Hot Flash Severity May Indicate Higher Hip Fracture Rate

January 5, 2015
Eileen Oldfield Associate Editor

Moderate to severe hot flashes and night sweats during menopause are associated with lower bone mineral density and higher hip fracture rates, new research suggests.

Moderate to severe hot flashes and night sweats during menopause are associated with lower bone mineral density and higher hip fracture rates, new research suggests.

“Our findings suggest women who exhibit moderate or severe menopausal symptoms are more likely to have issues with bone health than their peers,” said Carolyn J. Crandall, MD, MS, of the David Geffen School of Medicine at the University of California, Los Angeles, in a press release. “This is the first large cohort study to examine the relationship between menopausal symptoms and bone health in menopausal women.”

The study, published in the Journal of Clinical Endocrinology & Metabolism, analyzed data from 23,573 participants aged 50 to 79 years in the Women’s Health Initiative clinical trial. Researchers tracked participants for 8 years, and asked about their menopausal symptoms during their initial visit. During the follow-up period, researchers monitored for fractures, and also measured bone mineral density in 4867 participants for a sub-study.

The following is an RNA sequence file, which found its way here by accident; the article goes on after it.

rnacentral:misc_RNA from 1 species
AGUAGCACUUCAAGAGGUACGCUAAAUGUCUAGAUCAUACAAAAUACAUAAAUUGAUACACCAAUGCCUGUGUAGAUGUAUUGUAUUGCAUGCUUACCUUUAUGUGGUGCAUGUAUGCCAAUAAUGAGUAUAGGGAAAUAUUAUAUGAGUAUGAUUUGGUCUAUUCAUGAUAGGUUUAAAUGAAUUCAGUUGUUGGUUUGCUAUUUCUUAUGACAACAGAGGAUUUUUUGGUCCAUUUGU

Participants who reported having moderate or severe hot flashes when they entered the study were more likely to fracture a hip during the follow-up period than those who did not experience hot flashes. Furthermore, women with moderate to severe hot flashes also had lower bone mass density at the neck and spine than women without symptoms, after researchers adjusted for age, body mass index, and demographic factors.

Although additional research is necessary, the findings may help clinicians tailor the advice they offer patients experiencing these menopausal symptoms.

“More research is needed to illuminate the connection between bone health and menopausal symptoms such as hot flashes,” Dr. Crandall said in a press release. “Improved understanding would help clinicians advise women on how to better prevent osteoporosis and other bone conditions. Women who have hot flashes and want to protect their bones may benefit from healthy lifestyle habits, such as avoiding smoking and excessive alcohol consumption, exercising, and getting sufficient calcium and vitamin D.”